A growing number of British cities are now reevaluating their natural assets. In Greater Manchester a pioneering new plan could leverage such assets to generate returns for both investors and society.
By 2050, over two-thirds of the human population will be living in cities. But what will those cities look like? Will they be sterile, concrete jungles blighted by pollution, extreme temperatures and a lack of clean water? Or will they be pleasant urban centres filled with the connected green spaces and thriving wild nature that typically support and improve human existence?
Today, a paradigm shift in the way we view so-called "natural assets" is seeing a growing number of cities reevaluate how they value, manage and invest in their natural capital - the elements of the natural world such as soil, trees, water and air - that provide benefits to their residents. This new approach not only promises to make the cities of tomorrow more liveable, but to boost their ability to counter pressing societal challenges such as climate change.
Many British cities have long experienced strong investment in communications and built infrastructure. But investment in urban blue-green infrastructure remains minimal. Outside the public sector, money flowing in to natural capital has traditionally been limited to philanthropic sources.
"To achieve measurable improvements in the UK's urban natural environment, there is clearly a need to mobilise existing and new sources of funding," says Krista Patrick, Natural Capital Coordinator with the Greater Manchester Combined Authority's GM Environment Team.
No city can achieve ambitious goals for protecting and enhancing natural assets without adequate financing. Innovative financing and business models - such as impact investing, green bonds and voluntary private sector investment in ecosystem restoration - can help pave the way towards large-scale implementation of nature-based solutions.
With this in mind, Greater Manchester has developed an innovative Natural Capital Investment Plan - the first of its kind for a UK city region. The focus of the plan is to attract investment in the region's natural environment, not only securing the future of its natural assets, but generating healthy financial and social returns as well.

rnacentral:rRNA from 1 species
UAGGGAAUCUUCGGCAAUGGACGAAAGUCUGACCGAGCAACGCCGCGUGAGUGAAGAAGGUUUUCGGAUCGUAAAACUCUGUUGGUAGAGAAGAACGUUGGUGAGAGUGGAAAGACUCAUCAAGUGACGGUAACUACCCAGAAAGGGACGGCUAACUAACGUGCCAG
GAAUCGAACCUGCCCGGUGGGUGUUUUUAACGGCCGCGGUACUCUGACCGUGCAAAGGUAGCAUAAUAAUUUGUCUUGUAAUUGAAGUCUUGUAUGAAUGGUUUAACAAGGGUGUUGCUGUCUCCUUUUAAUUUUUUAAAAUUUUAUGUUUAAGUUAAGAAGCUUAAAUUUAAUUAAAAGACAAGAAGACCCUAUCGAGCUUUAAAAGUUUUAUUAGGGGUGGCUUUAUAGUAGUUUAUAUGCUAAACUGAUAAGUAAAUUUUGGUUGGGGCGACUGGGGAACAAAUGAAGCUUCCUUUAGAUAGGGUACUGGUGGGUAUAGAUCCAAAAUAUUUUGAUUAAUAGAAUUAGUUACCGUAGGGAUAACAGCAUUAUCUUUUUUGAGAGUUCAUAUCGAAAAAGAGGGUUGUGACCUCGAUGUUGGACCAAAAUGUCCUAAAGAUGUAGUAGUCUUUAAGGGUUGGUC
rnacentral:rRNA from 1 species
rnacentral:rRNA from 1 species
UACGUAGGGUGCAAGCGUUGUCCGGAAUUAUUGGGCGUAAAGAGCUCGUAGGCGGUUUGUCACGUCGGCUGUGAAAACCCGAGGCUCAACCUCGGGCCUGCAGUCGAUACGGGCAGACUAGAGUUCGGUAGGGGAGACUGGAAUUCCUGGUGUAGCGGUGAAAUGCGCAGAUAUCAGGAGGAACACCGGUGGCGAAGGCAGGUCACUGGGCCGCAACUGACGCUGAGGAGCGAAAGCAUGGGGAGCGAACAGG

Manchester's Natural Capital Investment Plan builds on Greater Manchester's natural capital account, which identified the region's green infrastructure assets, the benefits they provide, and the cost of maintaining them.
In undertaking this ambitious plan, Greater Manchester is joining a number of cities and city regions around the globe formulating new ways of financing environmental improvements, including Washington DC and Malmö in Sweden.
"Sound financial thinking will help us to determine the monetary as well as the social benefits that our natural environment provides," said Leader of Stockport Council and Green City Region Lead Alex Ganotist at the time of launch. "If we can do this, then we can encourage investment in those assets."
Scaling up investment
Manchester's Natural Capital Investment Plan builds on Greater Manchester's natural capital account. Completed in 2018, this identified the region's green infrastructure assets, the benefits they provide, and the cost of maintaining them. According to the account, the region receives around £1billion worth of benefits from its existing natural capital every year, encompassing everything from air quality and noise regulation to carbon sequestration and mental health.
The aim of the plan is to support investors and investments requiring financial returns - this will almost certainly involve some form of blended finance (a combination of funds for risk sharing). Broadening the range of investment sources for natural capital is challenging because many different parts of society receive benefits from natural assets without paying for them.
Despite this challenge, the plan identifies a wide range of potential investment opportunities, assessing the "investibility" of each in terms of the size and predictability of revenue streams, and their attractiveness to investors (reflecting risks and returns). This assessment takes account of the value generated for society, but the primary focus is the ability to generate profit.
The priority now is to set up a pipeline of investible opportunities. For Greater Manchester these relate to the leasing of blue-green infrastructure (to trusts), habitat and carbon banking, and sustainable drainage systems.
"We are now helping a number of organisations develop business plans that demonstrate their investibility," explains Krista Patrick. "Going forwards, I'm optimistic that we can improve Greater Manchester's natural environment, delivering benefits to a whole range of stakeholders in the process."
Natural asset thinking from Ecosulis
Today, underpinned by the principles of recoverable Earth, natural asset restoration and rewilding offer rewarding and potentially lucrative opportunies for land management. Capturing the zeitgeist, the Ecosulis Natural Asset Framework offers a new, viable and forward-looking alternative to the status quo.
The framework is designed to help land owners, managers and investors derive higher levels of value from the practice of managing and restoring natural areas. Based on innovative natural asset systems thinking, its grounded and systematic approach generates multiple revenue streams by connecting the restored forces of nature with modern societal trends.
Want to know more?
- View / download the Natural Asset Framework brochure
- Read a blog item on natural grazing and climate change mitigation in the UK
For a no obligation discussion about how the Natural Asset Framework might add value to your project or business, please contact Dr. Paul Jepson, Ecosulis Nature Recovery Lead (Paul.Jepson@ecosulis.co.uk / 01225 876 974).